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Get a property of an object by passing a string or enum instead of using dot notation.

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This might be something basic that I overlooked or couldn't find, but is there a method in Swift that I can get an object's property by passing it the property name instead of having to use dot notation?

Much like in javascript, you can get an object's property using the .get() method

let name = object.get("name")

instead of Swift's

let name = object.name

I've built my own method to do this but had to hard code the object's properties into the method, I was wondering if there was a built in method that does this for any object "automagically".

func getProperty(for property: PlacemarkLevel) -> LocationAreaType? {
      switch property {
      case .name                        :       return nil
      case .thoroughfare                :       return self.thoroughfare
      case .subLocality                 :       return self.subLocality ?? nil
      case .locality                    :       return self.locality ?? nil
      case .administrativeArea          :       return self.administrativeArea ?? nil
      case .subAdministrativeArea       :       return self.subAdministrativeArea ?? nil
      case .country                     :       return self.country ?? nil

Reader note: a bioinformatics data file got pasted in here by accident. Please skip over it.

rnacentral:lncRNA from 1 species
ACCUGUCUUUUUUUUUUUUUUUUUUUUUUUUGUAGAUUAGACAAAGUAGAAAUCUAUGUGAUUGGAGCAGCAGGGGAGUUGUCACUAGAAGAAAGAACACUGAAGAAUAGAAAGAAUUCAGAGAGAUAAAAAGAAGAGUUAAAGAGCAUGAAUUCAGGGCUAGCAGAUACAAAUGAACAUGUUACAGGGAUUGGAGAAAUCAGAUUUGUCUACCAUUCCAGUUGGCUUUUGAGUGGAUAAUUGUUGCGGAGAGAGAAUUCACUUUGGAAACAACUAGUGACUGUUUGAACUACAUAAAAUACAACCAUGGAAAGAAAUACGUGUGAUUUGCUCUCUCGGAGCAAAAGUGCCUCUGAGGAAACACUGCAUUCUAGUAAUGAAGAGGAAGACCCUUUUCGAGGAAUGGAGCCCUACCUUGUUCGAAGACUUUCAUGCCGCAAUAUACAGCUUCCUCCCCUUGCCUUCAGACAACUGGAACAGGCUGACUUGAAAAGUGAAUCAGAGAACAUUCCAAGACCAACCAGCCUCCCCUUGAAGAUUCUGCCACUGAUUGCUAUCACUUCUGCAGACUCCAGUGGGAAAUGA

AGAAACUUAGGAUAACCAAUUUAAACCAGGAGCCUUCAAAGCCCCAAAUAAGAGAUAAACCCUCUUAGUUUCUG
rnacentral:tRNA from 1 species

}
  }

thanks,

   

Simple answer: no.

If you really want to go this way you could use a data structure like a Dictionary. But this has other disadvantages.

Swift and JavaScript just have different syntax. Additionally, with the String method the IDE can't help you with typos.

1      

thanks @Hatsushira

   

Jay wants to see what's in the looking glass:

... is there a method in Swift that I can get an object's property by passing it the property name ....

In Java this is called Reflection? This allows an object, at runtime, to look into itself and examine what properties it has.

Of course, if you're looking at your reflection, you might be looking at a mirror. Swift has a Mirror class for this.

Hope this helps you on your trip through the Looking Glass?

See-> Looking in the Mirror

The Google helped find sample code. See -> Mirror Example

What's your solution?

Please return here and tell us how you solved your conundrum.

   

Fascinating! Thanks, @Obelix!

   

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